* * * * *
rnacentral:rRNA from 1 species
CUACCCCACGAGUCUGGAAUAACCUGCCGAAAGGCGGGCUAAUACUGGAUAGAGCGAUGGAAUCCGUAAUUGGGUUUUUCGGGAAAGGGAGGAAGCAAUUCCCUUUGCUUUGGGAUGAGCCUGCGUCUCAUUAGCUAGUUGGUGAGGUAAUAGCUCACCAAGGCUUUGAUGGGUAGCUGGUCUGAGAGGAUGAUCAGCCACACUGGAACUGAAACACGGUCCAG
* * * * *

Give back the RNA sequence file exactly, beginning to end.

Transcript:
rnacentral:rRNA from 1 species
CUACCCCACGAGUCUGGAAUAACCUGCCGAAAGGCGGGCUAAUACUGGAUAGAGCGAUGGAAUCCGUAAUUGGGUUUUUCGGGAAAGGGAGGAAGCAAUUCCCUUUGCUUUGGGAUGAGCCUGCGUCUCAUUAGCUAGUUGGUGAGGUAAUAGCUCACCAAGGCUUUGAUGGGUAGCUGGUCUGAGAGGAUGAUCAGCCACACUGGAACUGAAACACGGUCCAG